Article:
6 simple steps to get out of credit card debt

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Here’s how to get out of credit card debt
WATCH: Here’s how to get out of credit card debt – Jan 24, 2018

If your credit card balance is getting out of hand, you need a plan to tackle your debt. Global News spoke to experts about how to formulate a simple game plan to get your finances back in shape. Here is what we heard:

Step 1: Cut up your credit cards

The first thing you need to do is “stop the bleeding,” said Douglas Hoyes, a licensed insolvency trustee at Ontario-based Hoyes Michalos. You can’t climb out of the debt hole if you keep digging yourself deeper and deeper into it. And while you don’t have to take your scissors to your credit cards, some find that actually cutting them up helps.

READ MORE: Staggering share of Canadians fear bankruptcy if interest rates rise much more


Step 2: Free up some cash

Step two is coming up with more cash to throw at your debt. There are two ways to go about it, said Hoyes. The obvious one is cutting back your expenses. The Credit Counselling Society (CCS) suggests tracking your expenses for two weeks in order to spot ways to make room for extra savings in your budget.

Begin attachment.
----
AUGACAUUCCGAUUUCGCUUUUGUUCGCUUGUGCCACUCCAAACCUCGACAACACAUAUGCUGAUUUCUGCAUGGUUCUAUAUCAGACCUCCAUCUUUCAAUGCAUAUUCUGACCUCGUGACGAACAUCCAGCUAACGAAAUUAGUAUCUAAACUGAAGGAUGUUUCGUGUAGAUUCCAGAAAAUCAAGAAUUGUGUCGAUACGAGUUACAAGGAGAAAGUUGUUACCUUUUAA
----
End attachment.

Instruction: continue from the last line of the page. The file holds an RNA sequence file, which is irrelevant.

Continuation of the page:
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The second way to come up with some extra money is to boost your income, said Hoyes. You could volunteer for overtime, become an Uber driver on the weekend, or take up dog walking, for example.

The end goal here is to come up with a monthly amount that you will devote to shrinking your card balance.

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Click to play video: 'Learn how to manage your  finances with author of ‘The Year of Less’'
Learn how to manage your finances with author of ‘The Year of Less’

Step 3: Make an inventory of your debt

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Once you have a list of all your monthly expenses, you need a list of all your debts. “You’ll need both the amount you owe and the interest rate associated with that debt,” said Hoyes.

READ MORE: 6 budget tips from an author who paid off almost $30K of debt in two years

Step 4: Prioritize

If you have multiple credit card balances, decide in which order you’re going to pay them off. There are two popular ways to go about this:

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  • Highest interest method. Focus on the card that has the highest interest rate while keeping up with minimum payments on all your other cards. Once your first outstanding balance goes to zero, use the extra money to tackle the card with the second-highest rate, and so on. This is the approach that works best, according to Hoyes.
  • Snowball method. Another way to do it is to pay off the smallest balance first. While prioritizing higher-interest debt repayments is “mathematically correct,” some people find it psychologically helpful to start by concentrating their energies on what looks like a more attainable goal, according to CCS. Once you’ve crossed out your first debt, channel your savings toward the second-smallest card balances. “With the snowballing monthly payment this method creates, your debts will get paid down faster and faster as you go,” according to CCS.

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Step 5: Draw up a debt timeline